"The purpose of discipline is to promote freedom.”
I read this quote in Henry Miller’s book of essays, “On Writing,” while spending a month in a tranquil section of mountains in Montana this summer and, in realizing how simple college could have been, felt like drowning myself in the Yellowstone River.
Never in my literary life had I read a sentence that contained more truth. Never, in all the books I had come across, had I read a sentence that was more universally certain.
This one sentence made me realize, in one ephemeral flash, that I had been doing college wrong.
Miller, although most commonly known for describing autobiographical promiscuities and being generally offensive in his fiction, has written volumes of nonfiction that contain bursts of timeless brilliance.
These works are peppered with comprehensive truths and significant insights that lend themselves to serve as a manual for college survival. His non-fictive musings read like the consoling advice of a sophisticated older brother, or letters from a long-lost grandparent: strong and confident in their sagacity.
This quote in particular could singlehandedly serve as the backbone of any college student’s social philosophy and it is my hope that you all reflect on it with intent.
For some, however, the sentiment conceived by this quote may be instinctive.
In fact, when I started college, I met many freshmen that were intrinsically disciplined and had already begun to construct their lives in a meaningful, directed manner.
I, however, found myself living uncomfortably in a world of chaos. From the very start, I had an unquenchable desire for the freedom that I ignorantly thought was inherent to the college experience. I was the epitome of the dirty and disheveled college kid, passing from class to class in a dehydrated haze of booze-stench and malnutrition.
I denied every proper hygiene practice and abandoned any sense of moral or educational accountability. As time went on, I increasingly calmed and conformed to social norms. Yet, I never truly understood why I was unable to find my place in the university’s social structure.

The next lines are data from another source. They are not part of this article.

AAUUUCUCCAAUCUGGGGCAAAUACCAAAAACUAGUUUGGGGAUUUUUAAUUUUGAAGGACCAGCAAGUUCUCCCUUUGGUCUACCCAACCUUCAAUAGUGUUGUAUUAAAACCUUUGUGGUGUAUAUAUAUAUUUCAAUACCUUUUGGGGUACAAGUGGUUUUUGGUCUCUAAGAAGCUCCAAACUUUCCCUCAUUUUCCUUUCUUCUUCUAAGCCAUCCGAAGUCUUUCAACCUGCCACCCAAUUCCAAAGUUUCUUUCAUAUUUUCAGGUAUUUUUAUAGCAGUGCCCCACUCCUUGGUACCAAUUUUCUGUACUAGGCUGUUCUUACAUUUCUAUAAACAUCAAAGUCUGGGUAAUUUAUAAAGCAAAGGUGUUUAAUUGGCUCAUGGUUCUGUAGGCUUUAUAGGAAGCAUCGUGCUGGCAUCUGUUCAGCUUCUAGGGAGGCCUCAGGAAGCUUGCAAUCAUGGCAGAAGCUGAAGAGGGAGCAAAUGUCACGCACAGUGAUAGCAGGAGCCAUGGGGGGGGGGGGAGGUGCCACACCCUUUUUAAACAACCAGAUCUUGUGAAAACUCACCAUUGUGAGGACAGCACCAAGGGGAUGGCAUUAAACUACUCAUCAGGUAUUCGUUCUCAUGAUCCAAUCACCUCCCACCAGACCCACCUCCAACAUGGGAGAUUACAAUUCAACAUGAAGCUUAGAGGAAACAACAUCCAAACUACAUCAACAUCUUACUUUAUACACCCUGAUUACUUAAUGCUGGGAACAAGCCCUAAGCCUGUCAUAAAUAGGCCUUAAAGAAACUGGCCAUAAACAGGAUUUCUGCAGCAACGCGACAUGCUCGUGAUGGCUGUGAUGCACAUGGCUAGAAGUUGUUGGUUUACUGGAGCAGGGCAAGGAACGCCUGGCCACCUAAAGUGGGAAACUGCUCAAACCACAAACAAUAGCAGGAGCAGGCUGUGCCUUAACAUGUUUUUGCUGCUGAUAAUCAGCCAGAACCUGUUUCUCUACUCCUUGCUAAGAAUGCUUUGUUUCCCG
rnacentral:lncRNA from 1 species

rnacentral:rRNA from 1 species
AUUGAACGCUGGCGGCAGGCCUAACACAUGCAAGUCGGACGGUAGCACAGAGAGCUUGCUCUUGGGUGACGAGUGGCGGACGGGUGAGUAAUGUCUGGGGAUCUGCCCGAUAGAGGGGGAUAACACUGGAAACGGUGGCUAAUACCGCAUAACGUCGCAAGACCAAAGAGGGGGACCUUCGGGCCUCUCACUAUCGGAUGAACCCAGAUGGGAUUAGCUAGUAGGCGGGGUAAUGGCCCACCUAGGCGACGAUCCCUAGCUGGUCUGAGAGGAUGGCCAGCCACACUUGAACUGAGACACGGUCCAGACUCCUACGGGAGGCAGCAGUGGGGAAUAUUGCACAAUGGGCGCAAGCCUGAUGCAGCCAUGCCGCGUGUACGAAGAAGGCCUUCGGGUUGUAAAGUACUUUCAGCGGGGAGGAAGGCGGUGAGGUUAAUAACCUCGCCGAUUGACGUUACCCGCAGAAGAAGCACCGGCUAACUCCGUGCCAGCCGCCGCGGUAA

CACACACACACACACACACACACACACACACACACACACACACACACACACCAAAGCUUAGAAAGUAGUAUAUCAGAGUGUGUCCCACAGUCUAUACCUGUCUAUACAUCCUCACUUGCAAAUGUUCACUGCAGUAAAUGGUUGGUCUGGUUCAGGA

I don’t claim to be entirely adapted now, but the message of Miller’s words has helped tremendously.
The purpose of my sharing this sentence is as simple as the sentence itself: to help those few students out there that are feeling invincible in their demand for freedom. Trust me, I know how it feels to be a few states away from your parents’ disappointed gaze, to have a reinvigorated self-confidence and sense of eternal well-being.
But for God’s sake, find a source of discipline first, so that when you take part in a weekend’s (or entire week’s) worth of raucous activity and possible incarceration, you have a preordained construct to return to the next morning.
Your professors and advisers would like to think that this kind of self-discipline can come exclusively from within the classroom but, from my experience, it cannot.
After all, if Miller is correct, we can only experience true freedom — the freedom that we really crave, not the short-lived thrill we get from drunken debauchery — when we are able to live our lives in the way that we construct for ourselves. But how are we to construct anything if we cannot harness our energy toward that goal?
Your time in college will be filled with more down time than you will know what to do with, and it is vitally important that you develop an edifice of responsibility within these periods of non-scholastic activity.
“The purpose of discipline is to promote freedom,” and now that you are in college, it is up to you to decide what this discipline will be.